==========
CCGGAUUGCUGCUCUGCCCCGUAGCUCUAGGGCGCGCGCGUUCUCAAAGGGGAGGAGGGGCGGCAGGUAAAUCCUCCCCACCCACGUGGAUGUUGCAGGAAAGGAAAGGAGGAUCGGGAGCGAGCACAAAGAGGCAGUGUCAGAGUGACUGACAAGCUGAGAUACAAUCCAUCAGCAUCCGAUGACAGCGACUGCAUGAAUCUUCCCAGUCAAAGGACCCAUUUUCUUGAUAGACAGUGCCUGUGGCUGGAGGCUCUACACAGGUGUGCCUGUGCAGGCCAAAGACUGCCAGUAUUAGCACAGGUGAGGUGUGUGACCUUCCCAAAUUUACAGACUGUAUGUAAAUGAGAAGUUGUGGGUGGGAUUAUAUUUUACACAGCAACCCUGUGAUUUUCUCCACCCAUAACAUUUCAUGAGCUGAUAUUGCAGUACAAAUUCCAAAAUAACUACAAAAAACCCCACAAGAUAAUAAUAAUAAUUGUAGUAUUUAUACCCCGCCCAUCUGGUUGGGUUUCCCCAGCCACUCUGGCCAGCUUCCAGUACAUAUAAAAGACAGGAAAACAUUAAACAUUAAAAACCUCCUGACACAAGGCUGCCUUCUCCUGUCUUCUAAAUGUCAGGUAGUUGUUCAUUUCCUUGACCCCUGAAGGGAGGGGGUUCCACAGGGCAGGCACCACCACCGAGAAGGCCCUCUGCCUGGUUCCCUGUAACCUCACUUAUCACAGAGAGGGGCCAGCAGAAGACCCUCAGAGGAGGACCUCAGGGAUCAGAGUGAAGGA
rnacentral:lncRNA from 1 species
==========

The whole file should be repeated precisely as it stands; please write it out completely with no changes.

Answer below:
CCGGAUUGCUGCUCUGCCCCGUAGCUCUAGGGCGCGCGCGUUCUCAAAGGGGAGGAGGGGCGGCAGGUAAAUCCUCCCCACCCACGUGGAUGUUGCAGGAAAGGAAAGGAGGAUCGGGAGCGAGCACAAAGAGGCAGUGUCAGAGUGACUGACAAGCUGAGAUACAAUCCAUCAGCAUCCGAUGACAGCGACUGCAUGAAUCUUCCCAGUCAAAGGACCCAUUUUCUUGAUAGACAGUGCCUGUGGCUGGAGGCUCUACACAGGUGUGCCUGUGCAGGCCAAAGACUGCCAGUAUUAGCACAGGUGAGGUGUGUGACCUUCCCAAAUUUACAGACUGUAUGUAAAUGAGAAGUUGUGGGUGGGAUUAUAUUUUACACAGCAACCCUGUGAUUUUCUCCACCCAUAACAUUUCAUGAGCUGAUAUUGCAGUACAAAUUCCAAAAUAACUACAAAAAACCCCACAAGAUAAUAAUAAUAAUUGUAGUAUUUAUACCCCGCCCAUCUGGUUGGGUUUCCCCAGCCACUCUGGCCAGCUUCCAGUACAUAUAAAAGACAGGAAAACAUUAAACAUUAAAAACCUCCUGACACAAGGCUGCCUUCUCCUGUCUUCUAAAUGUCAGGUAGUUGUUCAUUUCCUUGACCCCUGAAGGGAGGGGGUUCCACAGGGCAGGCACCACCACCGAGAAGGCCCUCUGCCUGGUUCCCUGUAACCUCACUUAUCACAGAGAGGGGCCAGCAGAAGACCCUCAGAGGAGGACCUCAGGGAUCAGAGUGAAGGA
rnacentral:lncRNA from 1 species